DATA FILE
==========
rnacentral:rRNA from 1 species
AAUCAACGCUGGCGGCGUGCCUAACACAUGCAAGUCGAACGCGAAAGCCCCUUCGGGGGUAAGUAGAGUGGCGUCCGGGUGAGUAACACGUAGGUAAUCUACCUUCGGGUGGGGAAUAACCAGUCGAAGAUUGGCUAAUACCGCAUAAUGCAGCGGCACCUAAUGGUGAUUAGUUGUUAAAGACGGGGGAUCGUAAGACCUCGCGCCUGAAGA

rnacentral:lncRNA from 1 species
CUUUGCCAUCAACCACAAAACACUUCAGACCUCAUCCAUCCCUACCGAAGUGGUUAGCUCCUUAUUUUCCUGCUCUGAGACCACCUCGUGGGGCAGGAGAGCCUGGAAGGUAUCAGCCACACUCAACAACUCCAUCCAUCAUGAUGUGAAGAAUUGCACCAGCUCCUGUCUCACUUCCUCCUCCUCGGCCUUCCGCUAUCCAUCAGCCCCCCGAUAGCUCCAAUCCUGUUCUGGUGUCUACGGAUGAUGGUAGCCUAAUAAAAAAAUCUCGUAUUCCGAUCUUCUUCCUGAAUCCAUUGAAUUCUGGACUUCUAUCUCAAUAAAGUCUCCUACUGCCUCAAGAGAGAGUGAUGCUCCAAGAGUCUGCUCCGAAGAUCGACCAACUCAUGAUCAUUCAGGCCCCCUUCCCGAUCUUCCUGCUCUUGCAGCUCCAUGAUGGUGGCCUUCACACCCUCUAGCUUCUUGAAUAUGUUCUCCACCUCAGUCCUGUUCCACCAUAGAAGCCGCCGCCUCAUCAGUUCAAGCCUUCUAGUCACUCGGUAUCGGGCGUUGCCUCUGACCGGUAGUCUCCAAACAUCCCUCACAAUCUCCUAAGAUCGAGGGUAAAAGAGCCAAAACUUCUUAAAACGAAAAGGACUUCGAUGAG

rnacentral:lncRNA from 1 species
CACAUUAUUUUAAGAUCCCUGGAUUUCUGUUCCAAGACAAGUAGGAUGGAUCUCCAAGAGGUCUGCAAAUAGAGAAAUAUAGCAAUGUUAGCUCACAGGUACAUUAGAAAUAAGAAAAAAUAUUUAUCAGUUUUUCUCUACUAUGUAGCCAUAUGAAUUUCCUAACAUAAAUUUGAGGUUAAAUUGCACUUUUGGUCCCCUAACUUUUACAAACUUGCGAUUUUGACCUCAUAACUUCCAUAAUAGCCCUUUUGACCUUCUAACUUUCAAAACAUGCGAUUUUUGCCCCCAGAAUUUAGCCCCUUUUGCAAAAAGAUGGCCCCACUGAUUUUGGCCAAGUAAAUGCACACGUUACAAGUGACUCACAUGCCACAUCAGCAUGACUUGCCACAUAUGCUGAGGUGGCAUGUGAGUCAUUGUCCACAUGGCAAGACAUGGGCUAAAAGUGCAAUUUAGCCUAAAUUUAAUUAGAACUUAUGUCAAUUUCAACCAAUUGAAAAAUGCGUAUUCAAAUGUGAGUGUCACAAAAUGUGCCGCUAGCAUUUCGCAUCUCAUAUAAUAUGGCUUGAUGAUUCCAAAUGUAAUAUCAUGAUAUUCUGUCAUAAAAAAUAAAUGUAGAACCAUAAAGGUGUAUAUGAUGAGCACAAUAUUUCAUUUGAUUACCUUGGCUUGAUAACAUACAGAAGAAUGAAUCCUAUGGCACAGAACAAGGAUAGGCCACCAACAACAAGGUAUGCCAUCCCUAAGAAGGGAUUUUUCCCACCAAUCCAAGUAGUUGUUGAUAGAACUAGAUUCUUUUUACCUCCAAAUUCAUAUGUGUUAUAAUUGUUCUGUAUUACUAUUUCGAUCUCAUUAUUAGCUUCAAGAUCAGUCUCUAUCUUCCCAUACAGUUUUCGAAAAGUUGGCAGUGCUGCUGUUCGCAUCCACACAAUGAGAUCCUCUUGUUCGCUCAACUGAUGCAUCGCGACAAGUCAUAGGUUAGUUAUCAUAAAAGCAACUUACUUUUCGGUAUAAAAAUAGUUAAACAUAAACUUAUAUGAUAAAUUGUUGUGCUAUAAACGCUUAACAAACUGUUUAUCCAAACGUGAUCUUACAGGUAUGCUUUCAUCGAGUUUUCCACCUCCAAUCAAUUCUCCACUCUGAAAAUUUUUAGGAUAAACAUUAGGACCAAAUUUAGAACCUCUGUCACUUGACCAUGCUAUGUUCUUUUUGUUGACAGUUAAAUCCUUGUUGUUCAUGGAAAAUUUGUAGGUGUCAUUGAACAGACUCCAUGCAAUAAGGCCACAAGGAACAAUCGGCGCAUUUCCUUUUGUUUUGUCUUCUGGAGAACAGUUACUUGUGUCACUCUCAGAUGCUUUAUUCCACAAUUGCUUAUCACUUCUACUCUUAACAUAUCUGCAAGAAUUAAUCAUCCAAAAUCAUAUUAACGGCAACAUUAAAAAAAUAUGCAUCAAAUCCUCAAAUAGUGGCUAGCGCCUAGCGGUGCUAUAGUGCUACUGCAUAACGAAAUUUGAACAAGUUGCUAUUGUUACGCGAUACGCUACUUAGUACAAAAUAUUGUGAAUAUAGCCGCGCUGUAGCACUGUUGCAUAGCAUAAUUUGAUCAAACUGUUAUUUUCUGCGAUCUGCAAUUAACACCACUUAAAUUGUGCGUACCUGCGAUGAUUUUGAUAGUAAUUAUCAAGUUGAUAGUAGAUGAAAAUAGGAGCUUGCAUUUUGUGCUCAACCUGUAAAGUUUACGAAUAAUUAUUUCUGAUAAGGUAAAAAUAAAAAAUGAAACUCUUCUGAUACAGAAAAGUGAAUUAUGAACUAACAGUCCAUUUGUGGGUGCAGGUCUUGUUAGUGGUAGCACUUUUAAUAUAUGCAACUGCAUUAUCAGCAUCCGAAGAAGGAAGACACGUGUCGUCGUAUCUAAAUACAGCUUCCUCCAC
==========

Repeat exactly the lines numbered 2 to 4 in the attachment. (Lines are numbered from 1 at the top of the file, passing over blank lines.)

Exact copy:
AAUCAACGCUGGCGGCGUGCCUAACACAUGCAAGUCGAACGCGAAAGCCCCUUCGGGGGUAAGUAGAGUGGCGUCCGGGUGAGUAACACGUAGGUAAUCUACCUUCGGGUGGGGAAUAACCAGUCGAAGAUUGGCUAAUACCGCAUAAUGCAGCGGCACCUAAUGGUGAUUAGUUGUUAAAGACGGGGGAUCGUAAGACCUCGCGCCUGAAGA

rnacentral:lncRNA from 1 species
CUUUGCCAUCAACCACAAAACACUUCAGACCUCAUCCAUCCCUACCGAAGUGGUUAGCUCCUUAUUUUCCUGCUCUGAGACCACCUCGUGGGGCAGGAGAGCCUGGAAGGUAUCAGCCACACUCAACAACUCCAUCCAUCAUGAUGUGAAGAAUUGCACCAGCUCCUGUCUCACUUCCUCCUCCUCGGCCUUCCGCUAUCCAUCAGCCCCCCGAUAGCUCCAAUCCUGUUCUGGUGUCUACGGAUGAUGGUAGCCUAAUAAAAAAAUCUCGUAUUCCGAUCUUCUUCCUGAAUCCAUUGAAUUCUGGACUUCUAUCUCAAUAAAGUCUCCUACUGCCUCAAGAGAGAGUGAUGCUCCAAGAGUCUGCUCCGAAGAUCGACCAACUCAUGAUCAUUCAGGCCCCCUUCCCGAUCUUCCUGCUCUUGCAGCUCCAUGAUGGUGGCCUUCACACCCUCUAGCUUCUUGAAUAUGUUCUCCACCUCAGUCCUGUUCCACCAUAGAAGCCGCCGCCUCAUCAGUUCAAGCCUUCUAGUCACUCGGUAUCGGGCGUUGCCUCUGACCGGUAGUCUCCAAACAUCCCUCACAAUCUCCUAAGAUCGAGGGUAAAAGAGCCAAAACUUCUUAAAACGAAAAGGACUUCGAUGAG